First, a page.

Threadlock final drive - which text is correct? - BMW Luxury Touring Community
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post #1 of 8 Old Oct 26th, 2007, 1:15 pm Thread Starter
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Threadlock final drive - which text is correct?


I intend to replace the main seal this winter on my 2000 LT.

I know that many of you have been brave enough to have a go at this. As a way of psyching myself up for this I'm doing a lot of reading.

I've read of some people having particular difficulty with releasing the high torque final drive bearing journal nuts and studs. I'd like to avoid trouble in these areas.

Here's the question..

Clymer states that the FD nuts are secured with threadlock. The BMW manual doesnt mention threadlock either during dis or re-assembly.

Which is correct?

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post #2 of 8 Old Oct 26th, 2007, 2:19 pm
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Thread lock is a way to do it IF you don't have the cut away socket. I don't (neither does BMW) recommend it. It just makes the next trip in there that much more difficult and risks damage to the threads.

Another note is that if you do use it - then next time you need to completely remove it to set the low torque value (7 Nm) properly.

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Last edited by jzeiler; Oct 26th, 2007 at 2:27 pm.
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post #3 of 8 Old Oct 26th, 2007, 2:25 pm
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I am sure that people who have done this will chime in.
But from my research (I am about to do the same) you need a 2 foot tube attached to a nice strong breaker bar to shift the bolt if it has NOT been thread locked.
If it HAS been thread locked you need to heat it up first.
How do you know if it has been thread locked?
I dont know yet.
But if you have the full service history and it has never been stripped down before. Then it won't have been thread locked.
It shouldn't be thread locked even if it has been stripped down, but some places do thread lock when reinstalling this bolt and it will strip the threads if you try too hard and not heat it. If these threads get stripped - you aparently enter a special world of hell!
What damage will heating it do if it has not been thread locked?
Again I don't know
Good luck with it and do let me know how you got yours off, I will be there doing it soon myself.

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post #4 of 8 Old Oct 26th, 2007, 2:52 pm
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From what I am hearing, there seems to be a risk of damaging the threads either way.

Since when you refer to locktite, you are talking about heating up the bolt, you must be referring to red locktite which is permanent. Why is red locktite necessary? Why can't you just use blue locktite which will aid in securing the bolt without the need for heat and when it is necessary to remove the bolt again, there will be less risk?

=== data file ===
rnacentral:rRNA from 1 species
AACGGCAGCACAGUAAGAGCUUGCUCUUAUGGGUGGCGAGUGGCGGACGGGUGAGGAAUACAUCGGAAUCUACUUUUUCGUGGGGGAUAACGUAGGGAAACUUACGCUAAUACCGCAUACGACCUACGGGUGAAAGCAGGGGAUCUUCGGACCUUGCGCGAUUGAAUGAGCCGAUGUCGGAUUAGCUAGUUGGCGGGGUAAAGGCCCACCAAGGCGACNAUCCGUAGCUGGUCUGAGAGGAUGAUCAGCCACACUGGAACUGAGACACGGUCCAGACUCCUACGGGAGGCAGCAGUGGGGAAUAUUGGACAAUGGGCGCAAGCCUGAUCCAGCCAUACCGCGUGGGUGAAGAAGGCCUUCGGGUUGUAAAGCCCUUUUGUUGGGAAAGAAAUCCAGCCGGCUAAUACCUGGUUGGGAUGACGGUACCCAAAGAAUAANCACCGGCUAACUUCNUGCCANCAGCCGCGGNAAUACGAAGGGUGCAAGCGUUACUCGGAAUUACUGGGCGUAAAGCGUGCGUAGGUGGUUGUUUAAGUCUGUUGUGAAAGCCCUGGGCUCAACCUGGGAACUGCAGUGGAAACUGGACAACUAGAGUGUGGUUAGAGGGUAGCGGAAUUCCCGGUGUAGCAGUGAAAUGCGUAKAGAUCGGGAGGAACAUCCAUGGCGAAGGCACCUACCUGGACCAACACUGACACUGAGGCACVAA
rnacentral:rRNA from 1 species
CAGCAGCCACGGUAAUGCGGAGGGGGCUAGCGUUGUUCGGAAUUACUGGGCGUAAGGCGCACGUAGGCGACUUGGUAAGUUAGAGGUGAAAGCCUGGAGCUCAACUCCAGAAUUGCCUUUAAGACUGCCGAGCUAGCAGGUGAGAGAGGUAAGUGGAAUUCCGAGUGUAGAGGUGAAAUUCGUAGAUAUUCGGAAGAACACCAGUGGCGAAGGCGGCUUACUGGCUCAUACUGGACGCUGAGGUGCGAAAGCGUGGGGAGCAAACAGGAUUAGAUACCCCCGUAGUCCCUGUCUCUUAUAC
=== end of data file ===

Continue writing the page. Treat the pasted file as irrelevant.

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post #5 of 8 Old Oct 26th, 2007, 3:51 pm
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Because you'll likely have one that spalls. Dissimilar metals that weld themselves together, so no locktite is needed. Besides, you want to save the locktite for tasting, red is the bestest!

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post #6 of 8 Old Oct 26th, 2007, 6:39 pm
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I broke two break overs before I got a heavy duty one and a 3 foot cheater pipe. It cracked like a gunshot. I didn't have to use the modified socket, it didn't turn on me while torquing it. I guess I was lucky. I bought the socket but never got it welded. Next time I will............

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post #7 of 8 Old Oct 26th, 2007, 7:00 pm
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It will reduce your frustration immensely if you will get high quality, heavy duty tools to do this job right. Anything else will possibly lead to a LOT of frustration. Here's what I would recommend:

1/2" Drive BREAKER Bar (not a ratchet) at least 18" in length
3' long piece of thick walled pipe that will fit over the handle on the breaker bar for added leverage. (trust me -- you need it to be at least 3' long)
Get a modified 30mm socket to re-install the swing arm pivots and an extra long allen wrench to use with it (added length helps keep it from moving).

When you try to break the swingarm pivots loose, make sure you keep the socket (a six-point hopefully) very squared on the bolt/nut to prevent rounding. Using the 3' piece of pipe as a cheater bar, apply strong, constant pressure (counterclockwise) and it will POP loose. Be patient!

If you want to borrow a socket, many on here have them, including myself. Just let us know.

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post #8 of 8 Old Oct 27th, 2007, 2:51 pm
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Having done mine and helped several others without finding a single loose one I'd say locktite isn't required to keep things in place. I also had reason in one case to back up a step and had a heck of a time getting the recently tightened nuts loose. They stay put just fine.
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